There is a wonderful scene where the Haryana girl’s grandmother tells the family to arrange for money somehow or sell something so that the girl Bobby can travel for the tournament.
The film records natural growth of the characters: it’s more like a journey of self-realisation, as they find their purpose in life.
There is no clear negative character. Even the government officials, police who initially don’t support the team – they eventually come around. People are shown as inherently good. In fact, it is the system & structures which are questioned.
Performances of lead actors & the supporting cast
Lead actors like Ankush Gedam (Don) & Vijay Barse ( Amitabh) shine in the movie.
There are some terrific performances from the supporting cast. Special mention of the actors who played Babu, Imran, Raziya, Kartik (the kid who asks what Bharat means), the red haired Chahcha, and Jerry should be made; along with Rinku Rajguru, Kishore Kadam, and even Nagraj Manjule who played key roles.
Even the actors who get screen space for 1-2 scenes leave a mark.
Sound & Cinematography
Special mention of Sudhakar Yakanti & Avinash Sonawane for cinematography & sound respectively. They elevate the film exceptionally. Be it the the last shot of the plane taking off or the sequences in the football match to the chase sequences or the scenes at the airport: they are a delight to watch.
Nowhere in the movie Jhund, does Nagraj tell us the caste locations of the characters. The surnames of only three characters are revealed viz. Don, Imran and Rinku. Don’s surname is Masram. Now in Vidarbha area, the Masrams are Scheduled Tribes and not Scheduled Castes.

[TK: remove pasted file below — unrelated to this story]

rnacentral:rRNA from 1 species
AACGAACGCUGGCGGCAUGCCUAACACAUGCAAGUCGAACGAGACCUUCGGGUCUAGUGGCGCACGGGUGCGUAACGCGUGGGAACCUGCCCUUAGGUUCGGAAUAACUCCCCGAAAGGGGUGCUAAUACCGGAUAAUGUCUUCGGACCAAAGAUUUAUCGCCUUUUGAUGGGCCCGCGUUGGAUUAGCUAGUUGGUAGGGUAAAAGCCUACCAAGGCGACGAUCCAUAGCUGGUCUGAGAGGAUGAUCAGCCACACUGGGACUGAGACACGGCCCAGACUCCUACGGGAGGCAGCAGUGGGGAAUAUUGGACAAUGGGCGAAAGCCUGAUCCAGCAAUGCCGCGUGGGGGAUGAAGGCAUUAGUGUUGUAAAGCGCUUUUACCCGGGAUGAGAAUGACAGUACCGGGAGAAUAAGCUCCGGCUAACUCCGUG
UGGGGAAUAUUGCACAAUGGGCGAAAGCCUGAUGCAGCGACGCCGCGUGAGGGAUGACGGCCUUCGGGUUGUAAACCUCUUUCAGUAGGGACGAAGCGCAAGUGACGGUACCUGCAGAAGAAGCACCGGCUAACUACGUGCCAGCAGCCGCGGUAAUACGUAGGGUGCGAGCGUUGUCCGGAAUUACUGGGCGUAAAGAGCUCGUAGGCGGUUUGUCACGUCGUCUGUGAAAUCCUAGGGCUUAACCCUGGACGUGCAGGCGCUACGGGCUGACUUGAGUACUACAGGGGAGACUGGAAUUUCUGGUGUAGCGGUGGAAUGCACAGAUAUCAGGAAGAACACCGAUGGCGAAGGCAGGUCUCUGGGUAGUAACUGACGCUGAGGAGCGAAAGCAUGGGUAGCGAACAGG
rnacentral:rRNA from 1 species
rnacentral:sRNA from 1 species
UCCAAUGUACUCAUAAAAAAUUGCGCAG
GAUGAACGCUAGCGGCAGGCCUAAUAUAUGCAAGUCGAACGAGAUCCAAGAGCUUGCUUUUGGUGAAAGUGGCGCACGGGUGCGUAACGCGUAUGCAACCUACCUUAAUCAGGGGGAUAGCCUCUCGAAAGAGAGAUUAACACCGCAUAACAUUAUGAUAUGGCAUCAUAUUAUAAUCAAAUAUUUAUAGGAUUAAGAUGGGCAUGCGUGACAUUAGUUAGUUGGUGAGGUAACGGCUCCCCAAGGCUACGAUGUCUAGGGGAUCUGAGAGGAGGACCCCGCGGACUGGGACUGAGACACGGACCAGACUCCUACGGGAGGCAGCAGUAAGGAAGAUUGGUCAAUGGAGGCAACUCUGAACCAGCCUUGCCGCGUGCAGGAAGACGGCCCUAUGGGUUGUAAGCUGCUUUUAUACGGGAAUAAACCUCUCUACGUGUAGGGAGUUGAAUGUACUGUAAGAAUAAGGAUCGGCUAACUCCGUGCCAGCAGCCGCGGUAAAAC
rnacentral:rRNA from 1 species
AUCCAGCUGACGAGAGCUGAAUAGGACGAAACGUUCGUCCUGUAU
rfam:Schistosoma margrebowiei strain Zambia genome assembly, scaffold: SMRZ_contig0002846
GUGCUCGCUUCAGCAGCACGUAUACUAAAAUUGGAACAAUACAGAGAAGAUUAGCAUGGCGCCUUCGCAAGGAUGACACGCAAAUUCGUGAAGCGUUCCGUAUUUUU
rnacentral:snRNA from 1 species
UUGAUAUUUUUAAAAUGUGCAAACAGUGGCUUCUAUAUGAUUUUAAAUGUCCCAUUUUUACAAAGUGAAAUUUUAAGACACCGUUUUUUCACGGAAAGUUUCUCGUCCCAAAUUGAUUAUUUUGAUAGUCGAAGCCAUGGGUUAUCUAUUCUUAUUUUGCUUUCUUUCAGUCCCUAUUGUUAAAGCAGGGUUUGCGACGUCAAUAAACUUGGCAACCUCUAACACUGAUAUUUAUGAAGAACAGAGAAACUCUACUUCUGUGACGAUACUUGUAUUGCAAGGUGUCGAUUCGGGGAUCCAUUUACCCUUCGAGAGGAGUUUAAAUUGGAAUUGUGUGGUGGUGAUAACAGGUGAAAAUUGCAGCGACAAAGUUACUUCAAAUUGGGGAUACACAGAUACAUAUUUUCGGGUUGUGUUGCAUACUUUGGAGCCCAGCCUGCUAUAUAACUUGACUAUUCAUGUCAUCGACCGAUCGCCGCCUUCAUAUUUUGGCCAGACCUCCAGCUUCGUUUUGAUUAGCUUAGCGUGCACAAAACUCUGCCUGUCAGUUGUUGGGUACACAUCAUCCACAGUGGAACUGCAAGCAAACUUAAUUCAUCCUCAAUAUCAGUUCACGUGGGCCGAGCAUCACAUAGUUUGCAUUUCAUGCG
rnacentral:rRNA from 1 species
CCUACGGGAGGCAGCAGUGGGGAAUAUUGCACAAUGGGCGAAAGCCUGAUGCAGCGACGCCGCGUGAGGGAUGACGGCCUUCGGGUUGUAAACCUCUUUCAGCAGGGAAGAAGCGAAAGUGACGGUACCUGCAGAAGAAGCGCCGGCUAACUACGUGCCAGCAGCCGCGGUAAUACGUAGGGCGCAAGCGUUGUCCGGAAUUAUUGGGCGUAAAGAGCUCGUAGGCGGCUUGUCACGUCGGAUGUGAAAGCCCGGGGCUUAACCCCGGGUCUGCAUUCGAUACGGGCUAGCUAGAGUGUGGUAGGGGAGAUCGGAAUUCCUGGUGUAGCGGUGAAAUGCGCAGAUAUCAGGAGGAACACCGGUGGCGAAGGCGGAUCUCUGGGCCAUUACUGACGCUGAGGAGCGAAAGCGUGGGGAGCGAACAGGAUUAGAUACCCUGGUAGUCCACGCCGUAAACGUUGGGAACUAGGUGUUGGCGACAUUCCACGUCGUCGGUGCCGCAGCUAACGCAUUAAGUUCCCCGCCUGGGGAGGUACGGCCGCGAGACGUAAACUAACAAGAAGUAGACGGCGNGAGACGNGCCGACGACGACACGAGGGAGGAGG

So it is a pretty heterogenous set of people without laying too much emphasis on caste.. Don says Jai Bhim, so does Nagraj (Hitler) though they aren’t Dalits or Ambedkarites. The surnames or religious affiliations of other characters are never known. Nagraj leaves it to the imagination of the audience for interpretation.
Now all this is important and significant.. As Nagraj doesn’t want to make it only about Dalits in the community but about collective growth. So it narrates a story about triumph of the human spirit. He doesn’t want people to say ‘A Dalit community is always like that in slums’. It doesn’t say that the it depicts only ‘Ambedkarites’: those who come together to celebrate Ambedkar Jayanti want to share life and happiness together. So it avoids deploying any Ambedkarite lens. It is surprising to see in social media that some people are not getting their basics right when they view the film critically and say that it’s not showing Ambedkarites in the right way.
The story is about just one slum & not all slums, bastis of Nagpur. It is the story of people like Akhilesh Paul (the person on whom the character Don is based). People outside Nagpur, Vidarbha may not know these dynamics of the region.